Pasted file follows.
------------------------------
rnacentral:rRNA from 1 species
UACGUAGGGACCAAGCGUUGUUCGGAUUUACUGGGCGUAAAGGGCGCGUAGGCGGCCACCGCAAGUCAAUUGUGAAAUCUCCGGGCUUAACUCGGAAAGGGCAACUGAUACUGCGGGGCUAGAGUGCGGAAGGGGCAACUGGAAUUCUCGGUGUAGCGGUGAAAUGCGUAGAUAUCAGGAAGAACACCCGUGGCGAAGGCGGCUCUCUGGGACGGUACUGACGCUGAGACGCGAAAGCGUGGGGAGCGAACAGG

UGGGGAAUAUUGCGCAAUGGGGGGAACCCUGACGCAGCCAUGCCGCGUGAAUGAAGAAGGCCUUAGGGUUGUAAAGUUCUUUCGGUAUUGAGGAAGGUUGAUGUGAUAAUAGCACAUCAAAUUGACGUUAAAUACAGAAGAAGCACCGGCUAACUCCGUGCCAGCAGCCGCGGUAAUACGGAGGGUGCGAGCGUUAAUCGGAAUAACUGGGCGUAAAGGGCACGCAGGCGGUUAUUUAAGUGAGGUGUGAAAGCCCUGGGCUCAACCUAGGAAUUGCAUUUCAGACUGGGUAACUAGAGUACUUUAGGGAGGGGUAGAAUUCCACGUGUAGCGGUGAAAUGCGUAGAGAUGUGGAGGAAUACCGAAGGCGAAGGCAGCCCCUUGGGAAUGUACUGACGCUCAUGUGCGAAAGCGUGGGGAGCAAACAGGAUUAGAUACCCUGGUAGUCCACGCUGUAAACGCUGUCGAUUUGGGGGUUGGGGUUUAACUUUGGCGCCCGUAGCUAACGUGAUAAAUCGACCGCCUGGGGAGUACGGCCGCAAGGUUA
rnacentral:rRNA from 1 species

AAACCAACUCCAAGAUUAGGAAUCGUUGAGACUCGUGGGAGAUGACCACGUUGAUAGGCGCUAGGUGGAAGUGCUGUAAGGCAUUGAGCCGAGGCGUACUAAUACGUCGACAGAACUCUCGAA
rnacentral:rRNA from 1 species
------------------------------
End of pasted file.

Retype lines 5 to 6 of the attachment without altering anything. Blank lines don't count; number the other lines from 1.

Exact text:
AAACCAACUCCAAGAUUAGGAAUCGUUGAGACUCGUGGGAGAUGACCACGUUGAUAGGCGCUAGGUGGAAGUGCUGUAAGGCAUUGAGCCGAGGCGUACUAAUACGUCGACAGAACUCUCGAA
rnacentral:rRNA from 1 species